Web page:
Replication of MEMORY (HEAP) Tables

Some Applications need to store some transient data which is frequently regenerated and MEMORY table look like a very good match for this sort of tasks. Unfortunately this will bite when you will be looking to add Replication to your environment as MEMORY tables do not play well with replication.

The reason is very simple – both STATEMENT and ROW replication contain the changes to the data in binary logs. This requires the data to be same on Master and Slave. When you restart the slave you will lose contents of your MEMORY tables and replication will break. STATEMENT replication will often continue to run, with contents of the table just being
different as there is a little checks whenever statements produce the same results on the slave. ROW replication will
complain about ROW not exist for UPDATE or DELETE operation.

So what you can do ?

Use Innodb Table Instead Innodb is quite fast when it fits in memory so for most applications this performance will be enough and it will save you from all complexity of different workarounds.

Do not replicate MEMORY tables If you do not really need MEMORY table on the slaves you can skip replicating it specifying replicate-ignore-table=db.memory_table. Note you should not be using STATEMENT level replication with INSERT … SELECT into this memory table for this to work. Be careful using data
on the Slave in this case as table will be empty. Another nice trick sometimes is to make slave to generate its own
copy of the table, for example by running the same cron jobs MASTER runs to refresh this table periodically.

Restart Slaves Carefully I would not use this as long term solution as there are going to be the reasons when SLAVE will not restart normally – power goes down MySQL crashes etc. If you however are using MEMORY table in replication and just want to do a restart without replication breaking you can do the following:
Add skip-slave-start in your my.cnf; run SLAVE STOP; dump all your memory tables using MySQLDump; Restart the MySQL As planned; Load Dumped tables; run SLAVE START; Remove skip-slave-start from config file. Be careful using it with MASTER-MASTER or CHAIN/TREE replication. In this case you will need to disable binary logging while loading data from mysqldump as you may not want these changes to be replicated.

What could have done better ?

MySQL could have features to make it more convenient. It would be great to have MEMORY table option which would save table to on disk file on shutdown and load it back on startup. Of course you would lose the data on unclear start, but it is still handy for a lot of cases.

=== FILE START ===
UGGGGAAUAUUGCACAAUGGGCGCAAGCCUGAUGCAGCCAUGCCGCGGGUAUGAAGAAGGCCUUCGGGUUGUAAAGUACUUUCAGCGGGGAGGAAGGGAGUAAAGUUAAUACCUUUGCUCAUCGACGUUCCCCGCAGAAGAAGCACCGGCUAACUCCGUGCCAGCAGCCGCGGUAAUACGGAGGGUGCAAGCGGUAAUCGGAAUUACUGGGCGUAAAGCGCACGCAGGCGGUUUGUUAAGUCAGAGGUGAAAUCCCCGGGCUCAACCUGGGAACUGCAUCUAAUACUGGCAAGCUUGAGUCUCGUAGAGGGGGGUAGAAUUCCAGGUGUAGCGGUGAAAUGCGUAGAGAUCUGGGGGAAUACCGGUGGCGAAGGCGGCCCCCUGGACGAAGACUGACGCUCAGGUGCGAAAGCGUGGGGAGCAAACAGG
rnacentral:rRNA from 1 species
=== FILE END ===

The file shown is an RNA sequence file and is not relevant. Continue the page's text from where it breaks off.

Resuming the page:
We could have the option similar to skip-slave-errors but specified on per-table basics. This would allow me to simply allow to avoid all replication errors for MEMORY table which would make things more robust if table is
regenerated periodically. It can be helpful in many other cases too.

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Comments (7)

  • Kostas

    In our setup we use memory tables as materialized views to speedup some queries, and we need to replicate them for load balancing. Our solution is to start the slave with skip-slave-start and in an init-file script we regenerate the tables and then do START SLAVE.

    This could work perfectly if it was guaranteed that the memory data are in sync with the original tables. But memory engine is non-transactional so we cannot guarantee that. But we can tolerate some differences (the view will be regenerated eventually) so the only issue is not to break replication. For this we use statement-based replication only for those tables and write queries in a way that they won’t throw errors if the slave data are different.

    What I’d like from MySQL:
    – memory-only innodb tables: with all the innodb goodies minus the disk overhead if you don’t care about persistence. (I wonder if this can be achieved by placing the tablespace on a ramdisk)

    – materialized views using such memory-only innodb tables, with automatic refresh on restart

    October 17, 2010 at 12:17 pm
  • Lucas Schirm

    Hi Pete,

    Congratulations for this great article they are very usefully for me and my team, but i want to write a translate for that in my blog, i think thei help more people in portuguease to, i waiting for you approvament to publish the translate!

    Thank you!

    October 17, 2010 at 5:05 pm
  • peter


    Sure, We welcome you to publish translation. Just make sure to provide credit and link to original

    October 17, 2010 at 10:15 pm
  • Daniël van Eeden

    You could replace MEMORY with NDBCLUSTER like Andrew Morgan describes here:
    The NDB engine also supports multiple replication links.

    October 18, 2010 at 1:05 am
  • Baron Schwartz

    Kostas, I assume you mean putting the .ibd file on a ramdisk. You can’t do that. If the server restarts and the .ibd file isn’t there, InnoDB will complain.

    October 19, 2010 at 4:39 am
  • Holger Thiel

    Corrado Pandiani has written a procedure with a federated table to get the data from the master.

    October 20, 2010 at 1:20 am
  • Jo Valerio

    Heap Tables are very useful specially on tables that are frequently read by application but it is a big challenge to use it in a MYSQL Replication setup because it will give you big headache if replication stopped without you knowing it. To utilize the HEAP engine in a Replication Environment, we have considered few things in our configuration and monitoring to ensure smooth transaction.

    September 6, 2012 at 2:39 am

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